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Back Pain: HELP
Articles by Henning Harke
Based on 2 articles published since 2009
(Why 2 articles?)

Between 2009 and 2019, H. Harke wrote the following 2 articles about Back Pain.
+ Citations + Abstracts
1 Guideline [Epidural spinal cord stimulation for therapy of chronic pain. Summary of the S3 guidelines]. 2011

Tronnier, V / Baron, R / Birklein, F / Eckert, S / Harke, H / Horstkotte, D / Hügler, P / Hüppe, M / Kniesel, B / Maier, C / Schütze, G / Thoma, R / Treede, R D / Vadokas, V / Anonymous40706. ·Neurochirurgische Klinik, Universitätsklinikum Schleswig-Holstein, Campus Lübeck, Ratzeburger Allee 160, 23538 Lübeck, Deutschland. volker.tronnier@uk-sh.de ·Schmerz · Pubmed #21938604.

ABSTRACT: Epidural spinal cord stimulation (SCS) is a reversible but invasive procedure which should be used for neuropathic pain, e.g. complex regional pain syndrome I (CRPS) and for mostly chronic radiculopathy in connection with failed back surgery syndrome following unsuccessful conservative therapy. Epidural SCS can also successfully be used after exclusion of curative procedures and conservative therapy attempts for vascular-linked pain, such as in peripheral arterial occlusive disease stages II and III according to Fontaine and refractory angina pectoris. Clinical practice has shown which clinical symptoms cannot be successfully treated by epidural SCS, e.g. pain in complete paraplegia syndrome or atrophy/injury of the sensory pathways of the spinal cord or cancer pain. A decisive factor is a critical patient selection as well as the diagnosis. Epidural SCS should always be used within an interdisciplinary multimodal therapy concept. Implementation should only be carried out in experienced therapy centers which are in a position to deal with potential complications.

2 Review Interventional management of neuropathic pain: NeuPSIG recommendations. 2013

Dworkin, Robert H / O'Connor, Alec B / Kent, Joel / Mackey, Sean C / Raja, Srinivasa N / Stacey, Brett R / Levy, Robert M / Backonja, Miroslav / Baron, Ralf / Harke, Henning / Loeser, John D / Treede, Rolf-Detlef / Turk, Dennis C / Wells, Christopher D / Anonymous4100760. ·Department of Anesthesiology, University of Rochester School of Medicine and Dentistry, Rochester, NY 14642, USA; Department of Neurology, Center for Human Experimental Therapeutics, University of Rochester School of Medicine and Dentistry, Rochester, NY 14642, USA. Electronic address: robert_dworkin@urmc.rochester.edu. ·Pain · Pubmed #23748119.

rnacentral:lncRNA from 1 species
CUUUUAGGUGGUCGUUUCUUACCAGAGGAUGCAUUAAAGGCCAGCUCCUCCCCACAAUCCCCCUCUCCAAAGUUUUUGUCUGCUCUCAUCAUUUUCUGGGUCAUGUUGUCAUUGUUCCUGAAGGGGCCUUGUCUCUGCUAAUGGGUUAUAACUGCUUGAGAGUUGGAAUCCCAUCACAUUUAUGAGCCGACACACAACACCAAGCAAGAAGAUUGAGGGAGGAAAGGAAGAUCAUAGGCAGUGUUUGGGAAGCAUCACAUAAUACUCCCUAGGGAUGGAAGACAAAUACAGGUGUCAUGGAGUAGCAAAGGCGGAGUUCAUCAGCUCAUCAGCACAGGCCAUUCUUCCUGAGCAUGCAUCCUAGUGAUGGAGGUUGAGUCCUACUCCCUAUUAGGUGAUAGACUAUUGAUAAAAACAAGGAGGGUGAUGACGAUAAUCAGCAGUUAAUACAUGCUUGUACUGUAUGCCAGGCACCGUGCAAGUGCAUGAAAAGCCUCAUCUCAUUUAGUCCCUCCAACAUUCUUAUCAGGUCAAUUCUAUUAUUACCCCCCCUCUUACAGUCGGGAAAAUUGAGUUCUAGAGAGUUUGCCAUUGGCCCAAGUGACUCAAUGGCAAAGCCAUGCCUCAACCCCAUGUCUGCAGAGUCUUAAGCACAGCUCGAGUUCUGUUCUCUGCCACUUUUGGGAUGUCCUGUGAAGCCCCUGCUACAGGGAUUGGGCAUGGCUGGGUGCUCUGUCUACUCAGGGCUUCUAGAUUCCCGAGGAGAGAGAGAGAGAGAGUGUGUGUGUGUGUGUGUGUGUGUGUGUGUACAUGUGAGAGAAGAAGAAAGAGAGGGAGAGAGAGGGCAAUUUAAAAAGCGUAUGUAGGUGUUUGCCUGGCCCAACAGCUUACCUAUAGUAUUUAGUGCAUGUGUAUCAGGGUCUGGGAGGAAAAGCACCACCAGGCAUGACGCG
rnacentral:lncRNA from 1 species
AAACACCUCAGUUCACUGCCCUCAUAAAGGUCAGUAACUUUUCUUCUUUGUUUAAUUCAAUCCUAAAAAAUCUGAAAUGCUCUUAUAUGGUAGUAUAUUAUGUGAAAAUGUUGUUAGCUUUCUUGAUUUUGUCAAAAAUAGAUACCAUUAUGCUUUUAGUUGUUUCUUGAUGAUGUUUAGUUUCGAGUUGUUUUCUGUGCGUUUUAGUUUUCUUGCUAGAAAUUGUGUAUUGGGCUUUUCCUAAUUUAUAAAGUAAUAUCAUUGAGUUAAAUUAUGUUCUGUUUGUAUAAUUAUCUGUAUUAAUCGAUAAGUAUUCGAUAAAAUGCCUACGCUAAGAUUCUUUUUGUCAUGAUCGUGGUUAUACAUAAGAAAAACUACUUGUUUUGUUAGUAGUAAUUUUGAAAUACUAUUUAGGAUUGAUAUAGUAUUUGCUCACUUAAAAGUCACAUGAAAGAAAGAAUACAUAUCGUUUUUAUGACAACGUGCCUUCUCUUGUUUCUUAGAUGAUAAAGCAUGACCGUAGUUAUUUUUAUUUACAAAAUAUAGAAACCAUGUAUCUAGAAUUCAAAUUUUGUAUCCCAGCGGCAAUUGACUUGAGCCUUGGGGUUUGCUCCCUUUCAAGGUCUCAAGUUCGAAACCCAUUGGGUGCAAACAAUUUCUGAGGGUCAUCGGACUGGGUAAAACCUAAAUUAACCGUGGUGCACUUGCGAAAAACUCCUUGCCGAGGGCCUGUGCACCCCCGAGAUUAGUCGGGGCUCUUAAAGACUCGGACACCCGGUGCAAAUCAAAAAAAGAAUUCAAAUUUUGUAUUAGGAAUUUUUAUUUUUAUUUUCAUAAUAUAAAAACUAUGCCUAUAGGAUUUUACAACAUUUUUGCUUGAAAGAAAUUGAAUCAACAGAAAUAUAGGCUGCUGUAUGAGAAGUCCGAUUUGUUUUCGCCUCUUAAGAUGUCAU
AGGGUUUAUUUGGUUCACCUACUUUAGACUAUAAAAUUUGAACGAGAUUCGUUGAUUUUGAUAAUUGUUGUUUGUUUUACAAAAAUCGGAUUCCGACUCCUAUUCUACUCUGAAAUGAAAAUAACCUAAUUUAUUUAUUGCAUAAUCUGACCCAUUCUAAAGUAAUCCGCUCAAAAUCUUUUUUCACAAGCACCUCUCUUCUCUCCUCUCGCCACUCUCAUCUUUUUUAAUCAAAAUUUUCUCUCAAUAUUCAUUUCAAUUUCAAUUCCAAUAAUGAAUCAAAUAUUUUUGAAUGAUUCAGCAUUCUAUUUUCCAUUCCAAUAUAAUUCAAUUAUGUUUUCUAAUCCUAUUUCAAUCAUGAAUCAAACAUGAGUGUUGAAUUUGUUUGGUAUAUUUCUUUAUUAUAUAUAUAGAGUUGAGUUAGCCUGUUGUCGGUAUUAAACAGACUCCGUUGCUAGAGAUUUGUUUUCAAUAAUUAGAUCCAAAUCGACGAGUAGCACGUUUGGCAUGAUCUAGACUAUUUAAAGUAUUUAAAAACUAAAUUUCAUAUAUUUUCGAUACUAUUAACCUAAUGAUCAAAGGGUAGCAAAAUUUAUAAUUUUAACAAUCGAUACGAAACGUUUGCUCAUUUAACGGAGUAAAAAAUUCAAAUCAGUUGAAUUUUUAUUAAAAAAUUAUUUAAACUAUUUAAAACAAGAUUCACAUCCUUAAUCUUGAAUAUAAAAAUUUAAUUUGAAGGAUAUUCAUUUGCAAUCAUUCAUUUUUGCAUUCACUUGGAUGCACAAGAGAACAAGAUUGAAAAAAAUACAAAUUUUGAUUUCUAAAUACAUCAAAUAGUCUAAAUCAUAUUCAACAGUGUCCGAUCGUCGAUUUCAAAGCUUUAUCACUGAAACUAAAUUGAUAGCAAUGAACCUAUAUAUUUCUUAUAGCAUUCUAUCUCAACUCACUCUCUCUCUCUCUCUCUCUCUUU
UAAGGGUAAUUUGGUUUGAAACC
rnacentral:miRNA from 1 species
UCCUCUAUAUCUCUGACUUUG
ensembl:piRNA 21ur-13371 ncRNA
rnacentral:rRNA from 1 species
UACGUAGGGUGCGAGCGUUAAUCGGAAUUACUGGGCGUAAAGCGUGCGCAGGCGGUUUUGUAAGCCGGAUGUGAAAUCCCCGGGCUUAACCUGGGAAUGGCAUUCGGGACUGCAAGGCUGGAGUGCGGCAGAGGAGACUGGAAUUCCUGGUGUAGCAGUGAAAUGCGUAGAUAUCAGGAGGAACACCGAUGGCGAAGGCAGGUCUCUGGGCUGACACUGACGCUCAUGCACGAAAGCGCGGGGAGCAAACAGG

ABSTRACT: Neuropathic pain (NP) is often refractory to pharmacologic and noninterventional treatment. On behalf of the International Association for the Study of Pain Neuropathic Pain Special Interest Group, the authors evaluated systematic reviews, clinical trials, and existing guidelines for the interventional management of NP. Evidence is summarized and presented for neural blockade, spinal cord stimulation (SCS), intrathecal medication, and neurosurgical interventions in patients with the following peripheral and central NP conditions: herpes zoster and postherpetic neuralgia (PHN); painful diabetic and other peripheral neuropathies; spinal cord injury NP; central poststroke pain; radiculopathy and failed back surgery syndrome (FBSS); complex regional pain syndrome (CRPS); and trigeminal neuralgia and neuropathy. Due to the paucity of high-quality clinical trials, no strong recommendations can be made. Four weak recommendations based on the amount and consistency of evidence, including degree of efficacy and safety, are: 1) epidural injections for herpes zoster; 2) steroid injections for radiculopathy; 3) SCS for FBSS; and 4) SCS for CRPS type 1. Based on the available data, we recommend not to use sympathetic blocks for PHN nor radiofrequency lesions for radiculopathy. No other conclusive recommendations can be made due to the poor quality of available data. Whenever possible, these interventions should either be part of randomized clinical trials or documented in pain registries. Priorities for future research include randomized clinical trials, long-term studies, and head-to-head comparisons among different interventional and noninterventional treatments.